Cynthia Moore Hesdra (1808-1879)
Cynthia Moore Hesdra was born in Tappan. Although she spent part of her life enslaved, she went on to operate businesses in Nyack and New York City and to own property in Nyack, New York City, and Bergen County, New Jersey. She became so wealthy that, after she died in 1879, her heirs fought over her fortune in a long series of highly publicized court cases.
Cynthia’s father, John Moore, was well known in his time as a wealthy man; he owned and operated several businesses, including a mill in Sparkill. Very little is known about Cynthia's mother, Jane, who may have been a slave (which could explain how Cynthia became enslaved). Cynthia met and married Edward D. Hesdra, the son of a white Virginia planter and a free black woman from Haiti. After their marriage, the couple purchased Cynthia's freedom and settled in New York City.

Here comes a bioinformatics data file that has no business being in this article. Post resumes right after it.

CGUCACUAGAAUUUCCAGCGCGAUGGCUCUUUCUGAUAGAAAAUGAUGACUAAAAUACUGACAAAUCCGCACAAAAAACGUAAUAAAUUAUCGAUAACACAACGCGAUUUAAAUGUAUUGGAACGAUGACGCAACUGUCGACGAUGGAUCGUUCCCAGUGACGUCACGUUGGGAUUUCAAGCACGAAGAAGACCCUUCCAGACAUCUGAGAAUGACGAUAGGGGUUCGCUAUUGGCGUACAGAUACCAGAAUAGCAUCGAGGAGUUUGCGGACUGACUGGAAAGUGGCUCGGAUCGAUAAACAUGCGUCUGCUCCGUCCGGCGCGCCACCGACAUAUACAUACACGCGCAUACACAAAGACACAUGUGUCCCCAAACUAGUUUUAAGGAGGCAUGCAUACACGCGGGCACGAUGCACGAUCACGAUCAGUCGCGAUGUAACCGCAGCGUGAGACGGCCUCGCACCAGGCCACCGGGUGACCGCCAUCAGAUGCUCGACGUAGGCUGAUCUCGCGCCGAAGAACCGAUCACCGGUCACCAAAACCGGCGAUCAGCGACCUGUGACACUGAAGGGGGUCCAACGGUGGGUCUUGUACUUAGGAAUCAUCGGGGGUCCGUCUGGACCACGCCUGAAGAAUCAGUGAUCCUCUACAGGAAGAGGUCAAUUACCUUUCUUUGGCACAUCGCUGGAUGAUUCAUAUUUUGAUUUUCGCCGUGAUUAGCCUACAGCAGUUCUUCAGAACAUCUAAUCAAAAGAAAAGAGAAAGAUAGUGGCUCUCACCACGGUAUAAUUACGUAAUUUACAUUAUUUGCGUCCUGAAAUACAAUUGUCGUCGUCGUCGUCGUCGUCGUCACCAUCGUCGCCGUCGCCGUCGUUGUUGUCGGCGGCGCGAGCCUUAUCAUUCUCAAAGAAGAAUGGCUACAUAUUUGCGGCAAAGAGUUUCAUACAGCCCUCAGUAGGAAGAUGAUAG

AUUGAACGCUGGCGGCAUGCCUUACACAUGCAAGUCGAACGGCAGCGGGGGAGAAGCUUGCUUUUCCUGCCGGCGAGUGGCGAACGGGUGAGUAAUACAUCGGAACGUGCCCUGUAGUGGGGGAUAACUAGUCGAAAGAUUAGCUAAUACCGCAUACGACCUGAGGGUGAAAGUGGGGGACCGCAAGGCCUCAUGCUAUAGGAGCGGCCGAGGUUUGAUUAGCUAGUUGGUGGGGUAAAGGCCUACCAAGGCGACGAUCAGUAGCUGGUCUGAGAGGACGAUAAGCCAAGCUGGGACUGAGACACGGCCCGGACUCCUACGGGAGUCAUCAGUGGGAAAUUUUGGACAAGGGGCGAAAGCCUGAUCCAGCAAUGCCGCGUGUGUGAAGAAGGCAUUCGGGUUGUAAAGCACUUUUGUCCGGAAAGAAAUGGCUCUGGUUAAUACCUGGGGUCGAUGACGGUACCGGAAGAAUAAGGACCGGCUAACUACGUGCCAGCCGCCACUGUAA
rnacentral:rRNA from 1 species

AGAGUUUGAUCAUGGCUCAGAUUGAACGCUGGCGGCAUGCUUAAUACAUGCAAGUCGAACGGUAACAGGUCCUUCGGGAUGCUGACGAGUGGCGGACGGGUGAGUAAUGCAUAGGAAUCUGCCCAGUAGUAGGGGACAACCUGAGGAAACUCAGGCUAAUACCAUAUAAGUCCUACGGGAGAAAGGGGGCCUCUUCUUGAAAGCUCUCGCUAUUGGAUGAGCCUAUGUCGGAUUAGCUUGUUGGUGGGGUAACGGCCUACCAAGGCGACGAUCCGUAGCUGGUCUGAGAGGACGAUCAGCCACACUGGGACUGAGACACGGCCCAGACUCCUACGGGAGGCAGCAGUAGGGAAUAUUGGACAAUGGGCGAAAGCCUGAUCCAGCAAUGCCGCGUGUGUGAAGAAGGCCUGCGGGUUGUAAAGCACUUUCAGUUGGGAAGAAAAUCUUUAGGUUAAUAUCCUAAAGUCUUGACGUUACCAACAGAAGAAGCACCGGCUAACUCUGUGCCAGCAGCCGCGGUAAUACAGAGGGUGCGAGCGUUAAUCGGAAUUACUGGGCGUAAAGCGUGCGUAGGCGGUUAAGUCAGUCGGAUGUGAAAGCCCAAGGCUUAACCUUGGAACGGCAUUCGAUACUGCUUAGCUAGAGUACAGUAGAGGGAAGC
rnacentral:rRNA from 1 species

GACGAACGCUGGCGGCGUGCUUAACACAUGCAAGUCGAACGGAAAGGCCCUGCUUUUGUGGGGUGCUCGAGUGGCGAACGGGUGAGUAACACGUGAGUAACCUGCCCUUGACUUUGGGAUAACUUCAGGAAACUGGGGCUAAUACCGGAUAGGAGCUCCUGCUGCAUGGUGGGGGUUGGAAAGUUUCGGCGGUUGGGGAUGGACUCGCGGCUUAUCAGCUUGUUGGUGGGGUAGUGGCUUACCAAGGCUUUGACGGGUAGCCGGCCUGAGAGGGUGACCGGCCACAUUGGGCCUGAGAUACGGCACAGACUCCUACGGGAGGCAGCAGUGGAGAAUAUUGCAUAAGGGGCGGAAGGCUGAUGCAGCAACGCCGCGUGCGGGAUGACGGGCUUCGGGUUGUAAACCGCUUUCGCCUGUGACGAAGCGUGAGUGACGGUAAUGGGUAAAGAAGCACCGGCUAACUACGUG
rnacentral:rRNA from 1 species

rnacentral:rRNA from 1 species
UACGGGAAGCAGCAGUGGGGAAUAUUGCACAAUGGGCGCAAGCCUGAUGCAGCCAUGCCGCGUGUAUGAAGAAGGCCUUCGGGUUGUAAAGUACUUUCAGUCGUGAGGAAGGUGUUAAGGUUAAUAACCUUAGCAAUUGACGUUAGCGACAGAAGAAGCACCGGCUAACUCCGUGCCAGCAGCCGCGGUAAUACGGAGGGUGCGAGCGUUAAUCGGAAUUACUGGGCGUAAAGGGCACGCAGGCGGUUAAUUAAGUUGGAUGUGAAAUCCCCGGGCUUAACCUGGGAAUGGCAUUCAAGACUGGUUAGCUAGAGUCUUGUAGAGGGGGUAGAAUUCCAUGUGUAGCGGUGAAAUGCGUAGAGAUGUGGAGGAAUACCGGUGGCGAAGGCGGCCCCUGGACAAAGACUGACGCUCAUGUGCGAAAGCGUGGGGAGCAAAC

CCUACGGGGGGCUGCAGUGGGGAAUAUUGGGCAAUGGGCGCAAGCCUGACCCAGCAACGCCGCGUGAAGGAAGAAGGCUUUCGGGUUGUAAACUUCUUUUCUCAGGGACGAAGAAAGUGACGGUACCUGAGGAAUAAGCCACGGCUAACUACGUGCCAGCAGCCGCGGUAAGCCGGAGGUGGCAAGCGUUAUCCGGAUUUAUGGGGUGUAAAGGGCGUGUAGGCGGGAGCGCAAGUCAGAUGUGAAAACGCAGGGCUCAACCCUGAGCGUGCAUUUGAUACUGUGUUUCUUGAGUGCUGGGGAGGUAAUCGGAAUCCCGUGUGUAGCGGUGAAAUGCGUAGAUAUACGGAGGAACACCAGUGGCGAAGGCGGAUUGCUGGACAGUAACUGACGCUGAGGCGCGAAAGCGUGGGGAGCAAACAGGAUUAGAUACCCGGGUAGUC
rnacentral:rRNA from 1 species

Cynthia operated a successful laundry business in New York City, eventually taking her business to Nyack, where she also accumulated property. One of them was a house that became part of the historic Underground Railroad; a historical marker at Main Street and Route 9W now stands at the house’s former location.
When Cynthia Hesdra died, the New York Times reported that she was worth more than $100,000—or more than $3 million in today’s dollars. A large part of her fortune was subsequently lost in litigation among potential heirs, and much of what was left went to charities and the state. Since 2015, Cynthia Hesdra has been honored in Nyack with a Toni Morrison Society Bench by the Road in Memorial Park.